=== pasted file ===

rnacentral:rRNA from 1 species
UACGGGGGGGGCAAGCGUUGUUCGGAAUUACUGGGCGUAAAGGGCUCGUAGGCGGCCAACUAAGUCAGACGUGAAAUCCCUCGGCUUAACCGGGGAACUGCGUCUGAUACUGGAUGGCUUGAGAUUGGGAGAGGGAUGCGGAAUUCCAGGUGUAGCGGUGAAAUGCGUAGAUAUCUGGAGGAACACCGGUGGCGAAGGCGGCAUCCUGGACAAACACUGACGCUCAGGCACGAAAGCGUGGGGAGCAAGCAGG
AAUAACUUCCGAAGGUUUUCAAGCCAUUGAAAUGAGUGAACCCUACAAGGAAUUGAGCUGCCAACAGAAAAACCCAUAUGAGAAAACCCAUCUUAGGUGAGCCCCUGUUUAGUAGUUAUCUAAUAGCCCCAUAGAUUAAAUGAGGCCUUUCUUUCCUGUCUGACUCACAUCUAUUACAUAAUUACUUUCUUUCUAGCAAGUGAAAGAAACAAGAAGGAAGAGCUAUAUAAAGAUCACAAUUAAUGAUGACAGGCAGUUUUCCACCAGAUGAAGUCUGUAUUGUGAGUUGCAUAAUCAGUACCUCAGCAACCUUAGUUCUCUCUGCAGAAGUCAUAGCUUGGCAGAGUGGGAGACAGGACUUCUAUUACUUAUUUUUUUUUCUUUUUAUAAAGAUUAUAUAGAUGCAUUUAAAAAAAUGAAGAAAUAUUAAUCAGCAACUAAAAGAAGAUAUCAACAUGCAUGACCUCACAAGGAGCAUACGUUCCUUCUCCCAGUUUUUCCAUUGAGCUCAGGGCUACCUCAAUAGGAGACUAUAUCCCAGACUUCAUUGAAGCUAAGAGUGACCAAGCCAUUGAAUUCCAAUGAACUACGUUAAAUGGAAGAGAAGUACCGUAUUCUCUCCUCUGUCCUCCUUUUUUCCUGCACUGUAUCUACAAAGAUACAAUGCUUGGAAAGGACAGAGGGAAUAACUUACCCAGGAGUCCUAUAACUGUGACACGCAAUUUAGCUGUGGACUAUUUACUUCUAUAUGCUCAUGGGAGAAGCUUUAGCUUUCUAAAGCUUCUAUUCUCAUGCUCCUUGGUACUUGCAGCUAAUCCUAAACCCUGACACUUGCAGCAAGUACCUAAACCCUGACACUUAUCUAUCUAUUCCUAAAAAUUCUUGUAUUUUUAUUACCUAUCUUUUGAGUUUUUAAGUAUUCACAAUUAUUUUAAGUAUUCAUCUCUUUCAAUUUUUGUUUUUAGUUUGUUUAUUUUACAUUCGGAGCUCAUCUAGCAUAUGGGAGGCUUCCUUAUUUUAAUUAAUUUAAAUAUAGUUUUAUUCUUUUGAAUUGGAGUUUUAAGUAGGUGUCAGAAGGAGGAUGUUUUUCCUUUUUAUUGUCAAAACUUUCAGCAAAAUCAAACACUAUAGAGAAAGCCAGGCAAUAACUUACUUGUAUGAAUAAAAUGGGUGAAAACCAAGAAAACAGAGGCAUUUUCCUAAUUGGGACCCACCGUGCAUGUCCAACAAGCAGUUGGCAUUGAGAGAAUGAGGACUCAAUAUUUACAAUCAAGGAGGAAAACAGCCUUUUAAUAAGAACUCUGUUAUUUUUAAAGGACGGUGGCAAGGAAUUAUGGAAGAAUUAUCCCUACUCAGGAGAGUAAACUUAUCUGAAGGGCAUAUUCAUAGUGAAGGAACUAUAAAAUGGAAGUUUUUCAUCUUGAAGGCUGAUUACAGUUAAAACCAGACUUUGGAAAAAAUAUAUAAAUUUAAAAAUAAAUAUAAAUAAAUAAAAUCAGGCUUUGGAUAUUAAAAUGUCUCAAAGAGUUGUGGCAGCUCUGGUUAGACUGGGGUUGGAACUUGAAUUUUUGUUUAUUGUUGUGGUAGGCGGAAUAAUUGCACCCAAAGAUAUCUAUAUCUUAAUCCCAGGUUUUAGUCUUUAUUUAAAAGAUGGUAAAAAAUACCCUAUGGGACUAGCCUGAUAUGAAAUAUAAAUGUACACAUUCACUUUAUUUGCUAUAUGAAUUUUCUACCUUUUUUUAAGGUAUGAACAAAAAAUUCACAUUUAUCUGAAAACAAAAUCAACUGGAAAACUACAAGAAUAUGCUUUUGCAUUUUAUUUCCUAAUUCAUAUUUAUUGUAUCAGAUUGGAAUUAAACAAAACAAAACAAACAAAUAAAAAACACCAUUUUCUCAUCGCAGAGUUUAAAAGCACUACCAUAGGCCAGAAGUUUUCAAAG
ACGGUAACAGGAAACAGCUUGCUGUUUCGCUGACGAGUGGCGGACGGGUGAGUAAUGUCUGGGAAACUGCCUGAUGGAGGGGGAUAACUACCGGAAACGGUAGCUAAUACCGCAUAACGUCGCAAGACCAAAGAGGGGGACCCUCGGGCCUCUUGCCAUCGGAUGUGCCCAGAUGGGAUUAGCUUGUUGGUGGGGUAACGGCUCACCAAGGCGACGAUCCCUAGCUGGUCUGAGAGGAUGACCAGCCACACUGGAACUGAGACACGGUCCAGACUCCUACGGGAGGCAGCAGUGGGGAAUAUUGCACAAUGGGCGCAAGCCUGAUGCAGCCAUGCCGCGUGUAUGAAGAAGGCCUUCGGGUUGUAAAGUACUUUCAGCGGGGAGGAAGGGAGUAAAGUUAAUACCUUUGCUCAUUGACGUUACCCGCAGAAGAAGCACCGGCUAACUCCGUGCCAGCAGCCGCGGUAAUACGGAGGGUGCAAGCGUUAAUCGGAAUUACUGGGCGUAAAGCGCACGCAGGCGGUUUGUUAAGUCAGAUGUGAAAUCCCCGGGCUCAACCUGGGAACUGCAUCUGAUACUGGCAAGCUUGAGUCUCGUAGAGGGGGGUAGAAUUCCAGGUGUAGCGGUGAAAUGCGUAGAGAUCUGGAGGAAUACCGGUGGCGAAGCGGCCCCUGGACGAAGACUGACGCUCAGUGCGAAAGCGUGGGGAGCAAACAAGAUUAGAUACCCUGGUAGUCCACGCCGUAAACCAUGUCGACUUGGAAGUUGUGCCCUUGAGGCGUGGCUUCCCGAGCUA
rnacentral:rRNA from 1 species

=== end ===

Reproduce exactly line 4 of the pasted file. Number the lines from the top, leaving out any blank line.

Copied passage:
ACGGUAACAGGAAACAGCUUGCUGUUUCGCUGACGAGUGGCGGACGGGUGAGUAAUGUCUGGGAAACUGCCUGAUGGAGGGGGAUAACUACCGGAAACGGUAGCUAAUACCGCAUAACGUCGCAAGACCAAAGAGGGGGACCCUCGGGCCUCUUGCCAUCGGAUGUGCCCAGAUGGGAUUAGCUUGUUGGUGGGGUAACGGCUCACCAAGGCGACGAUCCCUAGCUGGUCUGAGAGGAUGACCAGCCACACUGGAACUGAGACACGGUCCAGACUCCUACGGGAGGCAGCAGUGGGGAAUAUUGCACAAUGGGCGCAAGCCUGAUGCAGCCAUGCCGCGUGUAUGAAGAAGGCCUUCGGGUUGUAAAGUACUUUCAGCGGGGAGGAAGGGAGUAAAGUUAAUACCUUUGCUCAUUGACGUUACCCGCAGAAGAAGCACCGGCUAACUCCGUGCCAGCAGCCGCGGUAAUACGGAGGGUGCAAGCGUUAAUCGGAAUUACUGGGCGUAAAGCGCACGCAGGCGGUUUGUUAAGUCAGAUGUGAAAUCCCCGGGCUCAACCUGGGAACUGCAUCUGAUACUGGCAAGCUUGAGUCUCGUAGAGGGGGGUAGAAUUCCAGGUGUAGCGGUGAAAUGCGUAGAGAUCUGGAGGAAUACCGGUGGCGAAGCGGCCCCUGGACGAAGACUGACGCUCAGUGCGAAAGCGUGGGGAGCAAACAAGAUUAGAUACCCUGGUAGUCCACGCCGUAAACCAUGUCGACUUGGAAGUUGUGCCCUUGAGGCGUGGCUUCCCGAGCUA